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Bo Sanders: Public Theology

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Billy Graham

Billy Graham: Case Study

Graham’s life show us so much about the changes in our society and the church: from newspapers, TV, civil rights, evangelicals, politics, media, and so much more.

I was moving into my new office and purging some old files. I found a magazine (Promise Keepers) from 1997 that had Graham on the cover.

Here are some of my thoughts in this short video.



I would love to hear your thoughts, questions, and concerns.

G is for Genre or Billy Graham got one thing wrong

Genre is by far the most important thing about the Bible that many Bible believing people don’t know. Empire is a close second but nothing matters more than genre when it comes to reading the Bible.

Genre: A term that refers to different types or varieties of literature or media. In the interpretation of texts, particularly the Bible, most exegetes agree that identifying the genre of the text to be interpreted is crucial and that the text must be understood in light of the common conventions that typified that genre at the time of its writing. Thus, poetry is not to be interpreted in the same manner as historical narrative, nor is prophecy properly read in the same manner as an epistle (letter).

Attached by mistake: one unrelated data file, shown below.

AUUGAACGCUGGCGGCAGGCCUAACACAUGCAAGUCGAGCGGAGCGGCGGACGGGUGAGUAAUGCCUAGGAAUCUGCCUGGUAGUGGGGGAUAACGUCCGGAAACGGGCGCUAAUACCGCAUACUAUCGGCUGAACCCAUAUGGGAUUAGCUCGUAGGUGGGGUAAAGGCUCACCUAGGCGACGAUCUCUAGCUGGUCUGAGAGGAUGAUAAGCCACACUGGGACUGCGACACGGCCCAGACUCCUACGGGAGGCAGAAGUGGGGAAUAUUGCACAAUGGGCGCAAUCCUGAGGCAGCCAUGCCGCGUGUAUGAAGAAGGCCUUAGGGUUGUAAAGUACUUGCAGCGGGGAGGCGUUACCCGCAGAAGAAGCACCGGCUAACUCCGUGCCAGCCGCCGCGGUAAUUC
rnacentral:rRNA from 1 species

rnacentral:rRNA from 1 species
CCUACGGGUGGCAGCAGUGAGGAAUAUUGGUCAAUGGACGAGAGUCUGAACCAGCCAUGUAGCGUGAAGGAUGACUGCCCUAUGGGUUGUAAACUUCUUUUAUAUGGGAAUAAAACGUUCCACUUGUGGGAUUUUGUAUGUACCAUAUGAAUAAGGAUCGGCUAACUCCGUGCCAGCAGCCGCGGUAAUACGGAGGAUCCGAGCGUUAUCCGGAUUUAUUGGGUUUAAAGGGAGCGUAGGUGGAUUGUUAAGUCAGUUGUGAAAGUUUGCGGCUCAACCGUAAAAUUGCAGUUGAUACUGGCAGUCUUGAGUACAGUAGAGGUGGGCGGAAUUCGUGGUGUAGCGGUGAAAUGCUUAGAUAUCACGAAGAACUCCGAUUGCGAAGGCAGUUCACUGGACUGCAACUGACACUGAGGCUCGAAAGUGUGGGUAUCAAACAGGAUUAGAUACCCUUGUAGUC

Pocket Dictionary of Theological Terms (Kindle Locations 593-595). Kindle Edition.

Simply stated, one must read a poem differently than history, prophecy differently than a gospel, an epistle differently than apocalyptic literature.

When people say “the Bible says …” it is a bit of a misnomer. The Bible is not one book per se but a collection of books. These 66 books were written at different times over several centuries by dozens of different men and women.G-Genre

This is why one can not say “The Bible says X” with any accuracy.

It would be better to say “In Romans Paul says” or, better yet, “The epistle the Romans says”.

Saying “the Bible says” is like saying “the Kindle says”.

If you said “according to the Kindle”, one would ask ‘in which book?’ and ‘who was the author?’